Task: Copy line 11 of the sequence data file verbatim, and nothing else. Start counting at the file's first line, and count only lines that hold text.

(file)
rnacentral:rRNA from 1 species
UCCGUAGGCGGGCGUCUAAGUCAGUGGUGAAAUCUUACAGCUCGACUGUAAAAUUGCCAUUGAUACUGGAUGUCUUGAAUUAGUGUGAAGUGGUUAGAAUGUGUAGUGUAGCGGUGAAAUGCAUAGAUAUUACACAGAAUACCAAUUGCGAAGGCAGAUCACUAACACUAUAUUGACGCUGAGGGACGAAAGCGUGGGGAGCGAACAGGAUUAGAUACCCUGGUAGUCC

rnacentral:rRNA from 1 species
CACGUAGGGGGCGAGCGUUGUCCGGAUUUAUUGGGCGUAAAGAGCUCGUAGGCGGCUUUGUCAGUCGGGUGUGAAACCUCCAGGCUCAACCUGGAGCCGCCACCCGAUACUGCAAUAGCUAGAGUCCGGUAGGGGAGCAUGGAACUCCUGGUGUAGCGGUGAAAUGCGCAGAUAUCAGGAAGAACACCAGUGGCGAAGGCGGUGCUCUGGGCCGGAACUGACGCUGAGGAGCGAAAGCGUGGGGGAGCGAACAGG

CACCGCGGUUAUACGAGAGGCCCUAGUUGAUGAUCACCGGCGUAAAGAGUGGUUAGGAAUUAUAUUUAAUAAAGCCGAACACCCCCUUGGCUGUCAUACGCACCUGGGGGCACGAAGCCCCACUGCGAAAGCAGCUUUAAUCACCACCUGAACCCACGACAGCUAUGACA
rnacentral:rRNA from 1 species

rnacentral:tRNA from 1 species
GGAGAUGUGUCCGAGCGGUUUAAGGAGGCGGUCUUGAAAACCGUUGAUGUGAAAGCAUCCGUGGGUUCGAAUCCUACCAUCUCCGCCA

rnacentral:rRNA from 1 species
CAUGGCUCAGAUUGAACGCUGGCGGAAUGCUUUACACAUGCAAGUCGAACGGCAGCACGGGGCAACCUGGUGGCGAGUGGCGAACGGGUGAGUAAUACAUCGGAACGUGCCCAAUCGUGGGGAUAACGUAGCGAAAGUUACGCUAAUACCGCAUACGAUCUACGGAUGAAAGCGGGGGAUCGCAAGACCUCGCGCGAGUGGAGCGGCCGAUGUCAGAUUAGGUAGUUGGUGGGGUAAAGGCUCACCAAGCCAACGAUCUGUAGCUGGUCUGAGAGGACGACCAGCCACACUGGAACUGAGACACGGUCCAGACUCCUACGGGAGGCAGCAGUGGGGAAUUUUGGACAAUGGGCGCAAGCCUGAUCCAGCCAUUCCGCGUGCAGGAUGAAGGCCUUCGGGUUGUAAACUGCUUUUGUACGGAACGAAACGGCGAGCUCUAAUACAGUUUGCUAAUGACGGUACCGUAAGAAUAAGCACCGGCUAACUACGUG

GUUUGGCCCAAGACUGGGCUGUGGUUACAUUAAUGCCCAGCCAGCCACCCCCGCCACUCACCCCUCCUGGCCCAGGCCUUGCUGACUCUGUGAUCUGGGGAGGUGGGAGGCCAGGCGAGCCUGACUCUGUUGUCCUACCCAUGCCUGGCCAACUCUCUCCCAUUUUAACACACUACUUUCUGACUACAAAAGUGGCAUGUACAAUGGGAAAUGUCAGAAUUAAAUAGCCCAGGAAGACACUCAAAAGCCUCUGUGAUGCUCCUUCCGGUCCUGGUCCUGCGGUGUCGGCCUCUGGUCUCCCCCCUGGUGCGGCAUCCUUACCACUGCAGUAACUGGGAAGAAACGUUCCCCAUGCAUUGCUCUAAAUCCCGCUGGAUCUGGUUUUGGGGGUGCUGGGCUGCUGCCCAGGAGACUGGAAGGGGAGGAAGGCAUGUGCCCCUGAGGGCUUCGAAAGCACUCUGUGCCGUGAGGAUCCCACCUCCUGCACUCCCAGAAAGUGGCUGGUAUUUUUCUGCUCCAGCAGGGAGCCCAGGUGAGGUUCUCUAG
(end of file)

GUUUGGCCCAAGACUGGGCUGUGGUUACAUUAAUGCCCAGCCAGCCACCCCCGCCACUCACCCCUCCUGGCCCAGGCCUUGCUGACUCUGUGAUCUGGGGAGGUGGGAGGCCAGGCGAGCCUGACUCUGUUGUCCUACCCAUGCCUGGCCAACUCUCUCCCAUUUUAACACACUACUUUCUGACUACAAAAGUGGCAUGUACAAUGGGAAAUGUCAGAAUUAAAUAGCCCAGGAAGACACUCAAAAGCCUCUGUGAUGCUCCUUCCGGUCCUGGUCCUGCGGUGUCGGCCUCUGGUCUCCCCCCUGGUGCGGCAUCCUUACCACUGCAGUAACUGGGAAGAAACGUUCCCCAUGCAUUGCUCUAAAUCCCGCUGGAUCUGGUUUUGGGGGUGCUGGGCUGCUGCCCAGGAGACUGGAAGGGGAGGAAGGCAUGUGCCCCUGAGGGCUUCGAAAGCACUCUGUGCCGUGAGGAUCCCACCUCCUGCACUCCCAGAAAGUGGCUGGUAUUUUUCUGCUCCAGCAGGGAGCCCAGGUGAGGUUCUCUAG